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The name's Tara, on earth since the year 1989. Don't follow my footsteps, I run into walls. Sarcastic to the cure and with good sense of (dark) humour. Tomboy and taken. German tongue. Internet and sexual language as well. English is also fine. This is a personal blog. I reblog what I want and don't care what it is as long as I like it so if you don't agree with it get the fuck out of here. You'll find here things about my fandoms, my pets and favorite countries. And sex. And fetishes. Life is simple. You make choices and never look back.

I like how there are probably a couple people who reblog this because it’s a cute and vintage-y and then the rest of us just KNOW


I like how there are probably a couple people who reblog this because it’s a cute and vintage-y and then the rest of us just KNOW

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(click the photos to be taken to their source)

Kikugawa-tayuu 菊川太夫

I’ve wanted to write about kottai-san for sometime now, but I couldn’t decide who to start with. Then I came across these photos of the beautiful Kikugawa seated in front of a painted screen, waiting to dance.

Let me back up a bit and give you some vocabulary. “Tayuu” is often used incorrectly as a general term for courtesans. People will say, “Tayuu is for Kyoto, Oiran for Tokyo”, but this is incorrect: tayuu is the highest rank a courtesan can reach. In the glory days of the Yoshiwara (in Tokyo) and Shimabara (in Kyoto) pleasure districts, reaching this rank was very difficult. One had to be uniquely beautiful, stylish, and have something to offer in the way of entertainment that other courtesans did not. Today, the women we call tayuu are entertainers—trained in traditional arts similar to those of the geisha, but given this title out of respect for the continuation of their unique tradition. In the Kantō region (around Tokyocourtesans are collectively called “oiran,” and in the Kansai region (around Kyoto) ”kottai" is used.

Kikugawa-tayuu is associated with the Kushigiku okiya in Shimabara, home of the famous former tayuu, Takasago, who now presides as “mother” over the okiya. Courtesans would take new names as they moved up the ranks, and tayuu’s names, which are quite poetic, often followed a lineage. Takasago is a classical reference to the city of that name, famous for its everlasting pines and views of the sea. Kikugawa-tayuu’s name is more obscure, but it could be taken from the city of Kikugawa, famous for its tea. It’s often hard to trace these lineages because very little literature of the sort is available.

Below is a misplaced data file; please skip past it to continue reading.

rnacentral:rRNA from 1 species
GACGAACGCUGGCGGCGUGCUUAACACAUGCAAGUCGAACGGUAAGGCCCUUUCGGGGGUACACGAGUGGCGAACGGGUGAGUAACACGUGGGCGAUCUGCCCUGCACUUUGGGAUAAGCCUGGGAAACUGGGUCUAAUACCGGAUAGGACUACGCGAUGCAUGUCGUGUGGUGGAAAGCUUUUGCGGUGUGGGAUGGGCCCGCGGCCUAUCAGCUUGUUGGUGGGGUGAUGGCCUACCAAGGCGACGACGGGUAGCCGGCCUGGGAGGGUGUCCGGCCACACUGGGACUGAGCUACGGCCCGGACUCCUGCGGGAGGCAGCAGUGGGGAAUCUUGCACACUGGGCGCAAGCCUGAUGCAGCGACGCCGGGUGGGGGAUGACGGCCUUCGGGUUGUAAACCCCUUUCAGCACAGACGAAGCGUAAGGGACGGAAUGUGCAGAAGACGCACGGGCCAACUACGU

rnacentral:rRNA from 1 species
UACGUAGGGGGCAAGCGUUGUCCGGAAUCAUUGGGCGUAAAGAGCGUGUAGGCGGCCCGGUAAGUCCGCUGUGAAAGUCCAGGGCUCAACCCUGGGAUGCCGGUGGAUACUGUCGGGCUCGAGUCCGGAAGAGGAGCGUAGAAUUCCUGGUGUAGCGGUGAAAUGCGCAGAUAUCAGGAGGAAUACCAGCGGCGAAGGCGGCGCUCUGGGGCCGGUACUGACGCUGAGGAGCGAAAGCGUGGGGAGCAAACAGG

Kikugawa-tayuu often gives dance and tea ceremony demonstrations, and she can be seen around New Year’s time making mochi at the Houjuu Temple in Kyoto with her 2 kamuro (child attendants). The eldest of her kamuro is the granddaughter of a monk there.

Her hairstyle, the “hyougo-mage” is unique among the tayuu performing today. It is said to have originated with the prostitutes of the Settsu province in Hyougo prefecture, hence the name. Takasago city is in Hyougo, so you can see some of the elegant, unspoken, connections being made between Kikugawa-tayuu and Takasago-tayuu.

Check out the source links below for more photos and information (in Japanese).

(source 1) (source 2) (source 3)

And as a bonus, here are some YouTube videos of Kikugawa-tayuu:

Please do not reblog without my caption or source links. 
Ookini! 蛍斗

(for you, oiran-geisha ^-^)

Very good text, so many useful informations :D Thank you!


Over 700 Jefferson County High School students are staging walkouts and protests over proposed changes to the Advanced Placement History curriculum. According to Colorado Public Radio:

Last week, a school board member proposed that advanced placement history classes be required to promote free enterprise and patriotism and be required to avoid classroom materials that encourage social strife or civil disobedience. Two high schools in Jefferson County closed Friday after dozens of teachers called in sick in protest.

According the online petition to be delivered to the School District:

Jeffco Public School Board has just proposed a change of curriculum stating that, “Materials should not encourage or condone civil disorder, social strife or disregard of the law. Instructional materials should present positive aspects of the United States and its heritage.”

This means that important parts of our history such as the Civil Rights Movement, Native American genocide, and slavery will not be taught in public schools. If these important lessons are not taught, children will not learn from them, and what will stop them from happening again? This is a severe form of censorship intended to keep the youth ignorant and easy to manipulate. I’m hoping to get enough signatures to prove that this is a public issue, so, please, if this is important to you, please sign. Do not let our youth grow up in ignorance; we all deserve the truth!

You can sign the petition here.

You can read more articles at The Denver Post, CBS Denver (with video), and Colorado Public Radio.

Thanks to theseacaptainsdaughter for dropping a link in my inbox.

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this happened and it was perfect


this happened and it was perfect

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Describe Taylor in just one word…

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